I also like the details: the holoprogram really is like modern entertainment for kids, Naomi's dialogue is believable, her performance is stellar, etc. (I also googled Porter after watching, and was relieved to see her doing well.)

* Tuvok is pretty great here.

I love the Tuvok stuff in this episode. He's right. He's helpful. His attitude's healthy. It was good to see him helping Tom and Samantha.

So... yeah. Again with 'this was pretty good, not a ton of critique for me here.'
posted by mordax at 3:07 PM on December 7, 2017 [2 favorites]

In finest Trek fashion, the crew immediately crashes their brand new, high-tech shuttle!
posted by 2ht at 4:02 PM on December 7, 2017 [3 favorites]

Y'all have done an excellent job talking about this episode so far. It is a good continuity episode, tying in to Neelix's previous history in Mortal Coil and Night and points forward to the Haunting of Deck 12 among other episodes for Neelix and Naomi. It also fits in the larger theme they've been developing on being alone in the Delta quadrant and the effect the stress is having on the crew, which they started near the end of last season. The focus on these smaller scale continuity stories and bigger scale allegories for their journey are not only a sign of renewed and somewhat changed focus for the series coming from yet another new showrunner, but also indicate some greater interest in dealing with the ongoing personal consequences of events they hadn't looked at before here or the other series which had more stable circumstances. It's a good run and a solid choice, even if they muck it up a bit in some of the episodes to come with poorly thought through detail.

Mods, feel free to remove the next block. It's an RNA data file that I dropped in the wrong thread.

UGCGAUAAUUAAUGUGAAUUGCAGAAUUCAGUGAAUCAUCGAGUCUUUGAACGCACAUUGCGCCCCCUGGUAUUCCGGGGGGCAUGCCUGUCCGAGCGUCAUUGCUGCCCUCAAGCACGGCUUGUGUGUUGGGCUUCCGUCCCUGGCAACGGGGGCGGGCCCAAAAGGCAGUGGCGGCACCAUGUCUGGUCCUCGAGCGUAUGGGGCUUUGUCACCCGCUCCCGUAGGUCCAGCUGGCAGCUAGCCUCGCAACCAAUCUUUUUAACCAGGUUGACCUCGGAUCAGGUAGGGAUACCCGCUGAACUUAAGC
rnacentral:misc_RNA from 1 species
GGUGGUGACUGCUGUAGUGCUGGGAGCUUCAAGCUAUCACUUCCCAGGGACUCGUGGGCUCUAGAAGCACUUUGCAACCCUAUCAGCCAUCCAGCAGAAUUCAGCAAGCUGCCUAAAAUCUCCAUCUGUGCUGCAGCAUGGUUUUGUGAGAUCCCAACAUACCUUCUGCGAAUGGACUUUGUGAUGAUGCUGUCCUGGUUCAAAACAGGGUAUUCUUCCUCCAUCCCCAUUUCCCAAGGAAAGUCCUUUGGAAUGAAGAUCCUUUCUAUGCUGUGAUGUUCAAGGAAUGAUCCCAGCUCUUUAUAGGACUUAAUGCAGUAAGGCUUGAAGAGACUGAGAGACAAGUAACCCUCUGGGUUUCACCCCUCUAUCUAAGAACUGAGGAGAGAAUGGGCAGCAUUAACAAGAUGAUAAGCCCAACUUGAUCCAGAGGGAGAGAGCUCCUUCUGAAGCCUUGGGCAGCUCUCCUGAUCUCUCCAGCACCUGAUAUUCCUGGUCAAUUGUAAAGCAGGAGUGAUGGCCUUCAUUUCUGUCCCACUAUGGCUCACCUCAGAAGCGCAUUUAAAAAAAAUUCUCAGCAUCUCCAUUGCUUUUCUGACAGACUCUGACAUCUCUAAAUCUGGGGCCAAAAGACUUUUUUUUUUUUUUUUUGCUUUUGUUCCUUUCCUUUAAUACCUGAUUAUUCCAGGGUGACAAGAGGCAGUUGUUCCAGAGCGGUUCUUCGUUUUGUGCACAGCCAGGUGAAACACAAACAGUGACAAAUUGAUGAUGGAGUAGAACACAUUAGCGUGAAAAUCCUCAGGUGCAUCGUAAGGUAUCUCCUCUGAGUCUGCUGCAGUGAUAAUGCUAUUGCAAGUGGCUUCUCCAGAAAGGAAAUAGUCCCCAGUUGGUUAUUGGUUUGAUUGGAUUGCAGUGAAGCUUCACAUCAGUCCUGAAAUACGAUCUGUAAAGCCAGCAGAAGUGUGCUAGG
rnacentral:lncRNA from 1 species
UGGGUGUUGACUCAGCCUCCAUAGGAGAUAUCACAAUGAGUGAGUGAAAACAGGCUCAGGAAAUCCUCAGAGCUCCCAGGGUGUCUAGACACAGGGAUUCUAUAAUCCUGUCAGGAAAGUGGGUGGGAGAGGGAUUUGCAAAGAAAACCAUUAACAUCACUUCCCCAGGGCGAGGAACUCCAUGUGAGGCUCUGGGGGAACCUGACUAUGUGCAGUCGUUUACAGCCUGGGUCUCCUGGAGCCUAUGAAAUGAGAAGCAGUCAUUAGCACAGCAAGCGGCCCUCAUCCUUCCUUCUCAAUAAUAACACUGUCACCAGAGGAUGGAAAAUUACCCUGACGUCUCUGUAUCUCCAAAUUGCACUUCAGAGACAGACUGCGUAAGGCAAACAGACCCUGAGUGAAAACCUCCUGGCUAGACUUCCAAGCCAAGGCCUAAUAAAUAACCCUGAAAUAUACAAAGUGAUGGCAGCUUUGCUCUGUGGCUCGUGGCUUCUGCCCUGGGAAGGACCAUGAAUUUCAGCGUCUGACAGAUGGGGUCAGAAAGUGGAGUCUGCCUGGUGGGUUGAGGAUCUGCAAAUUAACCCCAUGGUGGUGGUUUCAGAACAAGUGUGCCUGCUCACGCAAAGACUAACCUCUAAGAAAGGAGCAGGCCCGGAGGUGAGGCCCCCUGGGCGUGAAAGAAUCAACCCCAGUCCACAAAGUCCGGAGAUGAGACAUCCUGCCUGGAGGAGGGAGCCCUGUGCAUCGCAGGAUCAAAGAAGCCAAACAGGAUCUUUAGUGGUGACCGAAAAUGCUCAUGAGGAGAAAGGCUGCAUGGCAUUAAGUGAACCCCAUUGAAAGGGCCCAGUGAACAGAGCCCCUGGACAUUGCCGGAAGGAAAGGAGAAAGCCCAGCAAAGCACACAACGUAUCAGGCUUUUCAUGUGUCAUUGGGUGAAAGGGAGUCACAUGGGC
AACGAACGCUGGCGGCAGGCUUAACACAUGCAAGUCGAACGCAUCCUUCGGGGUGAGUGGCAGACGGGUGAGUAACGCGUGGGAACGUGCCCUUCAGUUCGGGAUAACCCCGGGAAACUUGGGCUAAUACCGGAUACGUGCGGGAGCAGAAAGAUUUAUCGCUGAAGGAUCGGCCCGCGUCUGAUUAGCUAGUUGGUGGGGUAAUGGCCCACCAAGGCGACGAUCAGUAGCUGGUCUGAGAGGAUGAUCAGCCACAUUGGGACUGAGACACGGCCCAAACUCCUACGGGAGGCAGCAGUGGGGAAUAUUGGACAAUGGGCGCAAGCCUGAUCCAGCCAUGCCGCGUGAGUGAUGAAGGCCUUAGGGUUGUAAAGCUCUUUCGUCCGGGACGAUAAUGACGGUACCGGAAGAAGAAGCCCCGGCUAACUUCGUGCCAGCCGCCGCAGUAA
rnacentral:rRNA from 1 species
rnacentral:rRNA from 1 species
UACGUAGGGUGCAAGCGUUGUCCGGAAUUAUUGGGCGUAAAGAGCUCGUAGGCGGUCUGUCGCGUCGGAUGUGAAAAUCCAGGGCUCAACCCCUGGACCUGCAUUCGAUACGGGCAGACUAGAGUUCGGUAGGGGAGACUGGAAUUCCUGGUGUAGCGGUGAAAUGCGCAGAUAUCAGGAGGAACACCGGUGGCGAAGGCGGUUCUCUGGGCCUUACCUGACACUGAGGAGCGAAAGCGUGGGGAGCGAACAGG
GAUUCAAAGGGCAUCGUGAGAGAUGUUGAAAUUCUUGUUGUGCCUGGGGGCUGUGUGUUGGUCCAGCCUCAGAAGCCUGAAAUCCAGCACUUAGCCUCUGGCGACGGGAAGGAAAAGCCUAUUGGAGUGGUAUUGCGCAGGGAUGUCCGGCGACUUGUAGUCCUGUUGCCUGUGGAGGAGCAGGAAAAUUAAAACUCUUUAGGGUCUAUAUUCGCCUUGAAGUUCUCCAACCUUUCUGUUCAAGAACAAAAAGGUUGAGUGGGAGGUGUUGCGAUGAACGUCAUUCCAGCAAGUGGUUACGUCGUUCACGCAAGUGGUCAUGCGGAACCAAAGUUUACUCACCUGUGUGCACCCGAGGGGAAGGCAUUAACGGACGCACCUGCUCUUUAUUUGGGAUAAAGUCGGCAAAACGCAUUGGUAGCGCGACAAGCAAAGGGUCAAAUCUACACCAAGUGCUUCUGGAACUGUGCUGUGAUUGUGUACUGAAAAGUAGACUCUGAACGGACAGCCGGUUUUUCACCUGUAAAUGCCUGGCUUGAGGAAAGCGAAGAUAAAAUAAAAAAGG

This is actually one of my favorite episodes from Voyager, though as much in its larger context than as a stand alone alone. Heh. It isn't as singularly dramatic as Mortal Coil and some others that don't require as much context, but that is part of why I favor this one, along with the elements of craft and some greater insight into the world of Trek in a way. The use of the holodeck here and Naomi's story help suggest a bit about "regular" life in the Federation, where the separation between the space action and homelife shown gesture a bit towards what normal life is like off the ship. It's one of the best uses of the holodeck in the franchise, not for the drama, but the normality of it. That the rest of the crew also has memories of it too goes to normalizing its usage and, through implicit contrast, shows the more involved stories as exotic just as life on Voyager is compared to living on Earth and raising a family there.